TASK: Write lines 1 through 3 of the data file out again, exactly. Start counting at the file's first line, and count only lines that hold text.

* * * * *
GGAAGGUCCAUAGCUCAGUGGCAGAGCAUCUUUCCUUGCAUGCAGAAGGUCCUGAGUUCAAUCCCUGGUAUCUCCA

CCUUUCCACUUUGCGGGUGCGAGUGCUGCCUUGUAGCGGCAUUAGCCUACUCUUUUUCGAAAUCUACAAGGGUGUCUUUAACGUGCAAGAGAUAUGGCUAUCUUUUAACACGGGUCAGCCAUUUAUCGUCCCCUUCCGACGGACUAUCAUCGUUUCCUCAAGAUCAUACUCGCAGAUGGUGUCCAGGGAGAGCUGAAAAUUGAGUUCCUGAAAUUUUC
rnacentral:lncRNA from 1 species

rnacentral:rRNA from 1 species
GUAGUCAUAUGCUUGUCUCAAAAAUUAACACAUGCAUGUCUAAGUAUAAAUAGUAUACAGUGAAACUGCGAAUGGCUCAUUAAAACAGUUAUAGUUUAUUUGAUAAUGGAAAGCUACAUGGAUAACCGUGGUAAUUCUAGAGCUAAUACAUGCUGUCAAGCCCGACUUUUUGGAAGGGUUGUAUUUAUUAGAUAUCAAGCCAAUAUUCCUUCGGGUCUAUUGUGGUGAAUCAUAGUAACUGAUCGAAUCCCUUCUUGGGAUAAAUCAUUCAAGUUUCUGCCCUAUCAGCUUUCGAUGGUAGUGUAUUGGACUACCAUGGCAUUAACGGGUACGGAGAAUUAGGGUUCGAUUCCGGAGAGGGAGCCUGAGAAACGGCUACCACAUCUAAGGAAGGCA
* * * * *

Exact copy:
GGAAGGUCCAUAGCUCAGUGGCAGAGCAUCUUUCCUUGCAUGCAGAAGGUCCUGAGUUCAAUCCCUGGUAUCUCCA

CCUUUCCACUUUGCGGGUGCGAGUGCUGCCUUGUAGCGGCAUUAGCCUACUCUUUUUCGAAAUCUACAAGGGUGUCUUUAACGUGCAAGAGAUAUGGCUAUCUUUUAACACGGGUCAGCCAUUUAUCGUCCCCUUCCGACGGACUAUCAUCGUUUCCUCAAGAUCAUACUCGCAGAUGGUGUCCAGGGAGAGCUGAAAAUUGAGUUCCUGAAAUUUUC
rnacentral:lncRNA from 1 species